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Oracle9i New Feature: Oracle Managed Files

Oracle Managed Files (OMF), a new feature introduced in Oracle9i, enables the Oracle Server to automatically create and delete database files using standard operating system interfaces. This
feature hugely simplifies the job of the DBA, as the DBA doesn't need to interact with the underlying operating system to create and delete files.

For OMF to work, the DBA can specify a single directory to hold data and temp files, and up to 5 directories for multiplexed redo log and control files. All files will be created with unique names, 100 MB in size, with properties AUTOEXTEND ON NEXT 1M MAXSIZE UNLIMITED. The creation and removal of trace files, audit files, alert files, and core files are not affected by this feature.

Advantages:

  • DBAs don't need to specify file names, locations and sizes when creating a tablespace or database
  • Automatic removal of files when a tablespace or log file is dropped
  • Increased script portability as OS specific file names do not need to be hard coded
  • Simplified creation of test and development systems

Disadvantages:

  • Can only be used with file systems, not with RAW Volumes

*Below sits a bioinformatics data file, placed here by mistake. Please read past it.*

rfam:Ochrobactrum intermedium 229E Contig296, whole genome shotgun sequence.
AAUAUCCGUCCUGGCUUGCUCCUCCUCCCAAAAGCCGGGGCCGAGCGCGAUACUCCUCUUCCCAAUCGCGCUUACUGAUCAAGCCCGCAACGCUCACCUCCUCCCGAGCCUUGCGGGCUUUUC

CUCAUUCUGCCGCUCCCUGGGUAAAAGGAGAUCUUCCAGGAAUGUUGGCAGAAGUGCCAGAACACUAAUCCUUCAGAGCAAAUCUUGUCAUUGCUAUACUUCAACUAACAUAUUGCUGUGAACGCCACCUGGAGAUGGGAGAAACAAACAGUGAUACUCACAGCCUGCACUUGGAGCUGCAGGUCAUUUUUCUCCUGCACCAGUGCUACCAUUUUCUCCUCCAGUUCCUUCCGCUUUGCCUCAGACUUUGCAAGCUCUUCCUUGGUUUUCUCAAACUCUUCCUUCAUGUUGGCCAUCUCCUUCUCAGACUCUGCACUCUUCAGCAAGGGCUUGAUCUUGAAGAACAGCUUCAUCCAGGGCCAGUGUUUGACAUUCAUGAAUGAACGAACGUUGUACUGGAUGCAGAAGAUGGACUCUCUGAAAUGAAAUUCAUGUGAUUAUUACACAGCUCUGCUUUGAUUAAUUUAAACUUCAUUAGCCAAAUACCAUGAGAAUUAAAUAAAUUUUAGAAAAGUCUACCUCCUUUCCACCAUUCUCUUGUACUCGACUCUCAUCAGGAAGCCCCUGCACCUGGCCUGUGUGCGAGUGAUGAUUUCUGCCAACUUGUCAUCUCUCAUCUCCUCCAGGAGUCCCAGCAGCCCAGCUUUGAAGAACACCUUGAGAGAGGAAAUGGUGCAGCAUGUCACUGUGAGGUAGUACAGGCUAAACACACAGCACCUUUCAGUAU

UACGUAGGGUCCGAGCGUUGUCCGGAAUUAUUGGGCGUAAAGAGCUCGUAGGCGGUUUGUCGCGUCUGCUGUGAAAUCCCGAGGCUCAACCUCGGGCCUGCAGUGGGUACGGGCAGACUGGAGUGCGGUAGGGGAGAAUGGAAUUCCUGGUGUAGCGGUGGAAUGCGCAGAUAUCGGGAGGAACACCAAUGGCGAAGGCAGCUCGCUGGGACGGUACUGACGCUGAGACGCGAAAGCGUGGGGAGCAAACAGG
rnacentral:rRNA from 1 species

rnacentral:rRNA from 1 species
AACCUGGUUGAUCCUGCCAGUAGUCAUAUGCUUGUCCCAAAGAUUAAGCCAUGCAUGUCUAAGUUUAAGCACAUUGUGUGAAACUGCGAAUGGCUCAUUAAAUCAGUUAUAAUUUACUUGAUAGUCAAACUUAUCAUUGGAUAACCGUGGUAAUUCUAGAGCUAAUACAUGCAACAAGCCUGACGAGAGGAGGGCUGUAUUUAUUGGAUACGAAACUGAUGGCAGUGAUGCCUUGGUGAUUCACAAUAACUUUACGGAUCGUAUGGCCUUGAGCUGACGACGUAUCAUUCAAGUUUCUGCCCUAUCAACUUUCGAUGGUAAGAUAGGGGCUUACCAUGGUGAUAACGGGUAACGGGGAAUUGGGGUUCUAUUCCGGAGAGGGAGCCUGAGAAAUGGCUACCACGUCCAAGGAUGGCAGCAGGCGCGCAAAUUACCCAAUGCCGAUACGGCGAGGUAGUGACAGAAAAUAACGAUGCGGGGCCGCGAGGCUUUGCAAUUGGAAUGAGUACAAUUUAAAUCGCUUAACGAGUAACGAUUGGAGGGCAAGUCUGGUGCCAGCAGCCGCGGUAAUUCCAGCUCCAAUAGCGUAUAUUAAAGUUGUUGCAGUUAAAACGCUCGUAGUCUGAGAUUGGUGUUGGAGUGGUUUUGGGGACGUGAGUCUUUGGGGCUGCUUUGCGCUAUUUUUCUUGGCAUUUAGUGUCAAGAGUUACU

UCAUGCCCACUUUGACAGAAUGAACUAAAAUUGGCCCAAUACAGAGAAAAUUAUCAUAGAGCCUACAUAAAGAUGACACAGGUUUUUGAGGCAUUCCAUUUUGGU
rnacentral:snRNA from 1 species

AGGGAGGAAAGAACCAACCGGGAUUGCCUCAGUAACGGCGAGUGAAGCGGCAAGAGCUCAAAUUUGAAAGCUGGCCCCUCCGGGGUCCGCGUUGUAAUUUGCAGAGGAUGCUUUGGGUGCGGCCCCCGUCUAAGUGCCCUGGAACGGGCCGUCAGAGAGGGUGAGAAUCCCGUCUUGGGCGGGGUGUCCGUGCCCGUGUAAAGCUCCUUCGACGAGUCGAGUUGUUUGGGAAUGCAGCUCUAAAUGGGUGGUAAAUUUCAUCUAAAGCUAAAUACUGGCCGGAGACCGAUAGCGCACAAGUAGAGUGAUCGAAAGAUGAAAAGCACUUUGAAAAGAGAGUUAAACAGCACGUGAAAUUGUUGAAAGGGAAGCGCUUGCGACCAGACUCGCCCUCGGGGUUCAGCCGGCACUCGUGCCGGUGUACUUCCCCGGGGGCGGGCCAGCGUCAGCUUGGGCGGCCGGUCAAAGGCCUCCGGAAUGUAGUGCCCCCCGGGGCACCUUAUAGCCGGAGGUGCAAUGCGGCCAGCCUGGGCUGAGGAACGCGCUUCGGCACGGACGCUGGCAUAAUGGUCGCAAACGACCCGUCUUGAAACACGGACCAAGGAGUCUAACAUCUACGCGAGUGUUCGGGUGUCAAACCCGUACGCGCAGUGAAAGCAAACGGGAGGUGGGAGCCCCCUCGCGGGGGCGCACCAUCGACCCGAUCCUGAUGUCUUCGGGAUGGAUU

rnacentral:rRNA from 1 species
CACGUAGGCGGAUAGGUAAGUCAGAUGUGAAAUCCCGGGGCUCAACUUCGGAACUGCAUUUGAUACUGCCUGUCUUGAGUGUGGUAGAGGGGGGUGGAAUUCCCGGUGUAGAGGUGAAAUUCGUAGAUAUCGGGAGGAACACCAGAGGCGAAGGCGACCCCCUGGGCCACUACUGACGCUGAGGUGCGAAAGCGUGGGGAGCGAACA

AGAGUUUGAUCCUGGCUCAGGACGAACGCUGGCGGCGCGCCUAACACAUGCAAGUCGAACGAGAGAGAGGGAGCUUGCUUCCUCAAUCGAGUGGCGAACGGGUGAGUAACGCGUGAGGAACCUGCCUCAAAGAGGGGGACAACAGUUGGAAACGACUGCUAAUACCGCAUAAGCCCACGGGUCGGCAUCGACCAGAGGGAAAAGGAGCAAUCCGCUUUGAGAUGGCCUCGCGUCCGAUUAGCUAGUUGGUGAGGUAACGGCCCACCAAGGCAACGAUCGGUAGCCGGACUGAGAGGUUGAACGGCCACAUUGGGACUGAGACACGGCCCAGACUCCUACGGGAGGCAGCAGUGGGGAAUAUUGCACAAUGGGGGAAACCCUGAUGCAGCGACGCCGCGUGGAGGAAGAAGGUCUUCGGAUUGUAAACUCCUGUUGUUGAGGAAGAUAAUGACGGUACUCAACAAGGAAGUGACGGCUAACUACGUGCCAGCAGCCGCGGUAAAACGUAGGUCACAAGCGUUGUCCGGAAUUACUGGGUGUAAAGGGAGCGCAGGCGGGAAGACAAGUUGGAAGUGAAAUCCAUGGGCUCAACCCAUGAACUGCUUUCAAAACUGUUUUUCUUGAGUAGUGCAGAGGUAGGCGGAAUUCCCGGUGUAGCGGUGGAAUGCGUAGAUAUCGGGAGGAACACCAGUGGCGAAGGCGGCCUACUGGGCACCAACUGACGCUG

• Generated file names and locations might not be according to the site's naming standards
  • Limited scope for file placement and I/O tuning may impact performance (although locations can be altered dynamically)

Enabling Oracle Managed Files:

Set the following initialization parameters in your INIT.ORA or SPFILE and restart the database, or set them on-line using the "ALTER SYSTEM SET parm = value" command:

DB_CREATE_FILE_DEST =

specifies where data files and temp files should be created. On-line redo logs and control files will also be created here if db_create_online_log_dest_n is not set.

DB_CREATE_ONLINE_LOG_DEST_n =

specifies where on-line redo logs and control files should be created. You can specify up to 5 locations (n=1..5).

STANDBY_FILE_MANAGEMENT =

can be set to MANUAL or AUTO. If AUTO is specified, Oracle will automatically create files and drop tablespaces on the standby database as the redo log stream is applied to the standby database.

Naming Standard Used for Generated File Names:

The Oracle Server will generate file names according to the following rules.

  • OMF file names start with "o1_mf_"; and
  • OMF file names will have one of the following extensions ".dbf", ".tmp", ".log" or ".ctl"; and
  • OMF file names will have a "_" character immediately preceding the extension.